The Harvard-MIT Division of Health Sciences and Technology, a collaborative enterprise between the two universities focused on biomedical engineering and physician-scientist training, had just been founded when I arrived in 1971, and I was readily induced to undertake a role in teaching anatomy. For nearly three decades I was privileged to teach a remarkable succession of classes populated with bright intellects training in medicine, medical engineering and medical physics, organismic and evolutionary biology, and biological anthropology. And finally I did learn my anatomy. At the same time I offered a course in vertebrate evolution, initially collaborating with Fuzz Crompton, but now take it all on myself, from fish to humans.

Extraordinary students who passed through our doctoral program have become, through the years, professional colleagues, collaborators and friends: John Fleagle, Hans-Dieter Sues, Kathleen Smith, Deedra McClearn, Steve Gatesy, Neil Shubin and Dave Blackburn, to name but a few. They have returned to me far more than they received, I do believe.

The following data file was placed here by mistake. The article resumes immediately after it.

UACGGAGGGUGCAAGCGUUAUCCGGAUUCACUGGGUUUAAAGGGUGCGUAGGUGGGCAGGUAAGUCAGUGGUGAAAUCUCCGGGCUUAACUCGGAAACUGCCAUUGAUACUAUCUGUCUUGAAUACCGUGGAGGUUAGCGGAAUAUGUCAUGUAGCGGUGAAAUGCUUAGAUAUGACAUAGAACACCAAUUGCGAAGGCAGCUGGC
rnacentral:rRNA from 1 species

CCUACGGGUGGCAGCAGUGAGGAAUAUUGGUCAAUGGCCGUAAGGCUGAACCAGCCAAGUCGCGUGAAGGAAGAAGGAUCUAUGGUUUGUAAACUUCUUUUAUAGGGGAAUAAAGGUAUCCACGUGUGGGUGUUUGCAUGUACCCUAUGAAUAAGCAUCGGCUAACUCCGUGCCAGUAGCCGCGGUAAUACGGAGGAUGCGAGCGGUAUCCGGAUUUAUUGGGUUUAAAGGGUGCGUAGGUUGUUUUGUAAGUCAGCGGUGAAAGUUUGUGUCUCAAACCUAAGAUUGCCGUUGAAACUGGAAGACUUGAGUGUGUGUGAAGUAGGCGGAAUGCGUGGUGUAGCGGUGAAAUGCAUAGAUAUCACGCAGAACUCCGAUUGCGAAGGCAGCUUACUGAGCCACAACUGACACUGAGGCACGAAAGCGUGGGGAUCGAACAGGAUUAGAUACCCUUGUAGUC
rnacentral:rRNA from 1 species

Fieldwork over the years was invariably a draw for me, not only for the potential for discoveries, but also for the joyful freedom of exploration itself. First into the Cloverly Formation of Montana, then southward across Wyoming, Colorado and Utah through various Mesozoic formations, I subsequently settled during the late seventies and early eighties in northeastern Arizona; here the silty facies of the Kayenta Formation produced an important Early Jurassic fauna. By then, it seemed to me, the west was becoming crowded, and I looked for new territories. The Triassic sediments of Namibia and Morocco offered stunning African grandeur but were ungenerous with fossil vertebrates. I then turned north, to the far North, into the Triassic of East Greenland at 71° North Latitude, and in a series of seven expeditions (during the period 1988–2001) discovered a diverse vertebrate fauna in the Fleming Fjord Formation. My field explorations could never have been as extensive, nor would they have been as productive, without the logistical savvy and prospecting talents of Chuck Schaff, Bill Amaral and the late Will Downs, and the scientific acumen of my colleagues Steve Gatesy and Neil Shubin. In 1999 I teamed up with Neil and Ted Daeschler on our first of six expeditions into the Devonian of the Canadian Arctic; this work led to the discovery of Tiktaalik roseae, the elpistostegalian central to understanding the emergence of tetrapods.